“I’m going to become violent in about three seconds.”
In House of Secrets, American Barry Wilding (Leslie Fenton) is on the ship crossing from Calais to London when he meets mystery blonde Julie Kenmore (Muriel Evans). After he rescues her from a shipboard Romeo, he pesters the woman for her name and address. She responds to Barry’s attentions by throwing her identification overboard. Barry is intrigued, but the woman makes a quick exit and disappears.
Once in London, Barry discovers that he’s inherited 10,000 pounds and a house called the Hawk’s Nest from his uncle. Barry signs a promise that he won’t let ownership of the house pass from his hands, and then he travels to the unoccupied house to check it out. When Barry arrives at the gloomy old house, he’s astonished and outraged to discover that the house is occupied by some very unfriendly people who throw Barry off the premises and accuse him of trespassing. Barry returns to London, and then the mystery blonde reappears and offers to buy the house ….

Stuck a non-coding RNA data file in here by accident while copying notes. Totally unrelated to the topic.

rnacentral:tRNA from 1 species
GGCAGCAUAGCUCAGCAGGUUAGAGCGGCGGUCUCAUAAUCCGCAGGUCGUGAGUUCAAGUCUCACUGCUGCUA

Directed by Ronald D. Reed, House of Secrets is an odd little film that blends a hunt for buried treasure with scientific experiments. The characters never really develop beyond the roles assigned–hero, heroine, villains etc. So motivation and character development is not a priority here, and what’s left is very formulaic and dull. The British owners of a local inn are completely overdone–with the innkeeper annoyingly dropping every ‘H’ possible. The Alpha DVD print I own is problematic–at times it’s too light, and this causes the faces of characters to blur. The background soundtrack is crackly, and large white splotches appeared in the print in some scenes.